Therefore, I have decided to take MinnChica’s lead one step further and declare myself free of the Review Book Guilt Slog. Life’s too short. There are too many good books out there to waste my time on ones that irritate me. And damn it all, I’m just tired of forcing myself to read something out of some warped sense of obligation (i.e., I requested it therefore I must review it), meanwhile having to turn down other potentially good books because I’m overloaded. On the other hand, I do have a review schedule to maintain and am responsible for contributing my share of content. So, expect to see more DNF review posts from me in future.

        Starting with this one.

        I’m still working on a DNF review format or template. I want to communicate why I DNF’d a book, but I don’t want to spend several hours trying to write about it, either. The other end of “suck it up” is “move on” and that’s what I really want to do: move on to the next book asap.


What caused me to DNF this book:

  • Lack of cohesion in the main plot.
  • Ridiculous leap from CLS in children to werewolves actually existing.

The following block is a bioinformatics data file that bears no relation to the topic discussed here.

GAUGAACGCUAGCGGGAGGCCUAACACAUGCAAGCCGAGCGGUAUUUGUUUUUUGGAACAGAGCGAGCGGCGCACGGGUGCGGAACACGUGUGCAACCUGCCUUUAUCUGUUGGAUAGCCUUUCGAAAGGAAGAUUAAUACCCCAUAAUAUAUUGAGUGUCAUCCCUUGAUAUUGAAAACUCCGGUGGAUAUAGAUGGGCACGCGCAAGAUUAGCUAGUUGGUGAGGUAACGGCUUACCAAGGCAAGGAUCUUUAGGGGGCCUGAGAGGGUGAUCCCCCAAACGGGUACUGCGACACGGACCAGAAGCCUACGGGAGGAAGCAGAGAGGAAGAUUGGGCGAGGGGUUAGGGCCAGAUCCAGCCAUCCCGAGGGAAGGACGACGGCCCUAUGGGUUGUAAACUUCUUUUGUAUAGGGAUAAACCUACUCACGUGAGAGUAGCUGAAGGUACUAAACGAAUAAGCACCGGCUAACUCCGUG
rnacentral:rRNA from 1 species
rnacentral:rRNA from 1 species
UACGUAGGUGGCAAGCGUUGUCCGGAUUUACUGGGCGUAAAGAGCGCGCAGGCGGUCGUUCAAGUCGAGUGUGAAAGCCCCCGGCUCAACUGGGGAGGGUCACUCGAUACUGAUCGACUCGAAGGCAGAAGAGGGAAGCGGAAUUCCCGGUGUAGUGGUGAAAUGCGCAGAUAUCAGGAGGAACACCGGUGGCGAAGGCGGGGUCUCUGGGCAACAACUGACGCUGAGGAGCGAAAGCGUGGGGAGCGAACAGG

• The whole CLS thing (Chronic Lycanthropy Syndrome) is so very oddly introduced. The use of the word “lycanthropy” created a bit of confusion for me. I initially expected it to be identified with werewolves because of how that word has been used in the genre. But no, it is first presented as simply a genetic disorder affecting impulsivity in children–not having anything to do with werewolves, mind you. So, why use the word “lycanthropy” in the first place? Then, suddenly she has an encounter with werewolves and now CLS becomes a virus (without any transition provided) that can affect adults and turn them into actual werewolves. And oh, hey, werewolves actually exist and CLS causes it. Our female protagonist is supposed to be a lead researcher on CLS. I expect some science to back up this shift in how CLS is viewed. And I at least expect her to blink when she realizes werewolves exist.
  • Generally unlikeable characters…except for one tertiary character who ends up dead, I didn’t like anyone in this story…well, I guess the butler might have been okay.
  • Female characters all portrayed as jealous adversaries, even supposed BFFs. Judgmental comparisons based on physical appearance.
  • Lack of empathy on female protagonist’s part towards her supposed BFF. What’s with all the slut-shaming? It saturated the narrative. Grr!
  • TSTL female characters who, apparently, all pine after and have affairs with married men…and then have the nerve to be angry at the men’s wives.
  • The male romantic lead uses violence against the female protagonist when they first meet, and actually injures her. She still finds him attractive.